Marijuana is now legal for both medical and recreational use in Colorado for those 21 years old and older, but driving high is not. As of January 1 in Colorado, you can use pot, but you better not drive under the influence of ganja, unless you are looking to get a DUI. The legal blood limit for active THC in your blood is 5 nanograms. Police will base arrests on observed impairment, however, not the level of THC. Even if you are subscribed medical marijuana, it remains illegal to drive under the influence of it. It is also illegal to have marijuana in the passenger area of a vehicle if it is in an open container, container with a broken seal, or if there is evidence marijuana has been consumed. Additionally, it’s illegal to consume marijuana on any public roadway. Essentially, a roach in your car ashtray, or the odor of cannabis can result in a DUI.

marijuana
CC Image courtesy of ?oop on Flickr

According to CDOT,
Colorado law enforcement officers are trained in the detection of impairment of alcohol and drugs, and many are specially trained Drug Recognition Experts (DRE). These officers have the ability to detect physical signs of drug impairment. DREs are viewed as one of the most effective law enforcement tools in efforts to reduce drugged driving.
DREs also use chemical tests for drugs. Colorado’s Express Consent Law requires any driver to consent to a chemical test if a police officer has reasonable grounds to believe the person is driving under the influence or their ability to operate a motor vehicle is impaired because of alcohol, drugs or both. Any driver who refuses to take a chemical test will immediately lose their driver’s license and will be classified as a persistent drunk driver. Consequences of refusal include revocation of a drivers’ license for one year, mandatory ignition interlock for two years and alcohol education and therapy classes as specified by law.
In 2012, there were 630 drivers involved in 472 motor vehicle fatalities on Colorado roadways. Of the 630 drivers involved, 286 were tested for drugs. Nearly 27 percent of drivers tested had a positive drug test, with 12 percent testing positive for cannabis.
“As Coloradans now have more access to marijuana, we want them to be aware that law enforcement is trained to identify impairment by all categories of drugs and alcohol,” said Col. Scott Hernandez, Chief of the Colorado State Patrol.”
Here is the source law of implied consent courtesy of NORML for DUI in respect to marijuana:
The fact that any person charged is or has been entitled to use one or more drugs under the laws of this state, including, but not limited to, the legal or medical use of marijuana shall not constitute a defense against any charge of violating this subsection. Id. § 42-4-1301(1)(e).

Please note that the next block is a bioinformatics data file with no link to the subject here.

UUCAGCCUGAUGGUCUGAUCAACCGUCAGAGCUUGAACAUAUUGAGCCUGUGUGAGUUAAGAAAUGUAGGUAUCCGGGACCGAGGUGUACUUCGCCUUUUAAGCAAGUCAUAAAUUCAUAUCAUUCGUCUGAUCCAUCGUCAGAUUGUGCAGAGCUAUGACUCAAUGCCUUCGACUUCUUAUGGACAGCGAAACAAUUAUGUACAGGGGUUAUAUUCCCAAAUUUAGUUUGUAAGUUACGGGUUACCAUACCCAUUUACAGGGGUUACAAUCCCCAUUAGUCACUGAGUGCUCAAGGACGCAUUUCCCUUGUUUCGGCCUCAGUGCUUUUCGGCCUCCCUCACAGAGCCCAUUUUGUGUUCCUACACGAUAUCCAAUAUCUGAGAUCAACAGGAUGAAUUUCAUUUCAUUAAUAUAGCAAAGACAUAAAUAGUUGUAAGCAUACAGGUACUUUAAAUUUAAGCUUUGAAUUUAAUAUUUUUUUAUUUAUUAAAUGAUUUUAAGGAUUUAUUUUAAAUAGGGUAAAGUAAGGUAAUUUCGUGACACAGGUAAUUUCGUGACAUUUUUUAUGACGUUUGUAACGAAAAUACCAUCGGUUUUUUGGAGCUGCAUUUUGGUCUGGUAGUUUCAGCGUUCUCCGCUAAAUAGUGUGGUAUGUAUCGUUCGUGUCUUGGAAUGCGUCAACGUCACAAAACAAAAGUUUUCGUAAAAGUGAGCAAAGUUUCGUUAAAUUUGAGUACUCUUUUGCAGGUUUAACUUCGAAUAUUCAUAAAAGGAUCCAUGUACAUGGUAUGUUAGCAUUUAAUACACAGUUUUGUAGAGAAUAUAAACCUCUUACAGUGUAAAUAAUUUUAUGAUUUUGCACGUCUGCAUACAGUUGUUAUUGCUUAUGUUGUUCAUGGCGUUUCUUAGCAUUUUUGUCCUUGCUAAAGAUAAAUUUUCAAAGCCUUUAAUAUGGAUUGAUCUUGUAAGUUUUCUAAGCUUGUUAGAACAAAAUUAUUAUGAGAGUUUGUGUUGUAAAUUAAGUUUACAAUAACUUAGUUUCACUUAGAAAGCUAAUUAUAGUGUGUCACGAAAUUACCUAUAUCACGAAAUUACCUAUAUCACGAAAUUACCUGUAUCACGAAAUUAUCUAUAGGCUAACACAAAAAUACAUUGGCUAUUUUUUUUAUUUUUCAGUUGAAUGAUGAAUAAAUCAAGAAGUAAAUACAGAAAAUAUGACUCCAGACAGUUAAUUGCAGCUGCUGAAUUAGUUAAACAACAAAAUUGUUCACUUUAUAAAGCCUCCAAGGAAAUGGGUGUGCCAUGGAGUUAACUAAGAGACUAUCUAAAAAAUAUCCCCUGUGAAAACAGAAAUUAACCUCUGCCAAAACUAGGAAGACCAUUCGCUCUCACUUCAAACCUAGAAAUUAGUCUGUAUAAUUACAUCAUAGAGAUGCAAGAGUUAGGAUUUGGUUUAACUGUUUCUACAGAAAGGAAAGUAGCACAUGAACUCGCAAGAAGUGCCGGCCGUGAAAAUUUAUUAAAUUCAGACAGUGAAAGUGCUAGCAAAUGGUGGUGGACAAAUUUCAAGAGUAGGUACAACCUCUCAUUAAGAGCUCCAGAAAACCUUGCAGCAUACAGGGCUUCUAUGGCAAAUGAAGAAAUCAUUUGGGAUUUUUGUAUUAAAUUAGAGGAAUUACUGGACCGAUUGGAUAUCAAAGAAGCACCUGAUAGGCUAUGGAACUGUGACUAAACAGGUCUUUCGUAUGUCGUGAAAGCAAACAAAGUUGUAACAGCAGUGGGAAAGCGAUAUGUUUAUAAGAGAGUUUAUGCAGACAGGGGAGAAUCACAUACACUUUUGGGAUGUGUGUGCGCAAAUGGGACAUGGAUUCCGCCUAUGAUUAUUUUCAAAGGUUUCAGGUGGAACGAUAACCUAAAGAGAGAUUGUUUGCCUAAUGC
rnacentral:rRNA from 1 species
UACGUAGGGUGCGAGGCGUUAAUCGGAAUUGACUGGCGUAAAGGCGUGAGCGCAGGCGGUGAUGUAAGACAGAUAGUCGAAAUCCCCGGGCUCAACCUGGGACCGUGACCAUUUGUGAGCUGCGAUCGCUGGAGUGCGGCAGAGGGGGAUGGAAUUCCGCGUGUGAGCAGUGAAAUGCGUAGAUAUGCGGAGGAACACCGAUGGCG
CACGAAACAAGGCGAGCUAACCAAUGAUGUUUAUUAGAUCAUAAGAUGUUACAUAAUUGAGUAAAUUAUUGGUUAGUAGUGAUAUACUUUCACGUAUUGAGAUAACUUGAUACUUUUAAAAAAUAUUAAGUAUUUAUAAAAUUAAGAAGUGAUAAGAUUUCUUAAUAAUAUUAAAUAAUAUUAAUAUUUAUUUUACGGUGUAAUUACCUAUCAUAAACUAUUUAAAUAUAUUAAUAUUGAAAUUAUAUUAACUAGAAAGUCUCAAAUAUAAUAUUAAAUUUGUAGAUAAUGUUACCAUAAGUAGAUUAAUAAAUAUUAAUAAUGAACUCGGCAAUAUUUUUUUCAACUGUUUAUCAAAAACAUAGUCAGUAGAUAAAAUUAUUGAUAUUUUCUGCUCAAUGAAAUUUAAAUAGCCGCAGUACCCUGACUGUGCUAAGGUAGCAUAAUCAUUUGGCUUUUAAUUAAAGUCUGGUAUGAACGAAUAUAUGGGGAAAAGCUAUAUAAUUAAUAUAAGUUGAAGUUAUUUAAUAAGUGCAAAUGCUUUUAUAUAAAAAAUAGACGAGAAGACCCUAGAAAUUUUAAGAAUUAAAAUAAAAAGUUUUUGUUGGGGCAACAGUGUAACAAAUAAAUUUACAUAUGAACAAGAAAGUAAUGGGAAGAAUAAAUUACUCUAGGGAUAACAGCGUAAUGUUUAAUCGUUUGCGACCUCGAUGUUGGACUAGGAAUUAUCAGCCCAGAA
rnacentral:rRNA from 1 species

A person who drives a motor vehicle upon the streets and highways and elsewhere throughout this state shall be required to take and complete, and to cooperate in the taking and completing of, any test or tests of the person’s breath or blood when so requested and directed by a law enforcement officer having probable cause to believe that the person was driving a motor vehicle in violation of the prohibitions against DUI, DUI per se, DWAI, habitual user, or UDD. Id. § 42-4-1301.1(2)(a)(I).
If a person refuses to take or to complete any test or tests and such person subsequently stands trial for DUI or DWAI, the refusal to take or to complete, or to cooperate with the completing of, any test or tests shall be admissible into evidence at the trial. Id. § 42-4-1301(6)(a)(III)(d).
Neither the results of such preliminary screening test nor the fact that the person refused such test shall be used in any court action except in a hearing outside of the presence of a jury, when such hearing is held to determine if a law enforcement officer had probable cause to believe that the driver committed a violation of this section. The results of such preliminary screening test shall be made available to the driver or the driver’s attorney on request. Id. § 42-4-1301 (6)(h)(i)(III).
The department shall revoke the license of a person for refusal of test for one year for a first refusal, two years for a second refusal of test and three years for a third or subsequent refusal. Id. § 42-2-126(3)(c)(I).
Generally, an arrested person has no right to consult with an attorney before taking a chemical test. Drake v. Colorado Dept. of Revenue, Motor Vehicle Div., 674 P.2d 359 (1984).
When an arresting officer invokes the sanctions of the implied consent law by requesting the driver to submit to chemical testing, the officer has a corresponding duty to comply with the driver’s request for a blood test. People v. Gillett, 629 P.2d 613 (1981).
Driving high in Colorado can land you in jail, and carries all the legal repercussions of drunk driving. Not only could you be striped of a drivers license, required to purchase and maintain an ignition interlock, have to attend and pay for mandated drug and alcohol classes, you will go to jail for driving under the influence of marijuana, no different from the consequences of driving under the influence of alcohol, and other drugs.
CDOT wants us to be aware of these penalties, and launched an educational campaign to alert Coloradans to DUI laws, especially in regard to marijuana consumption. The state Department of Transportation began airing three television ads as part of its “Drive High, Get a DUI” campaign in March of 2014. You can view these PSA’s here: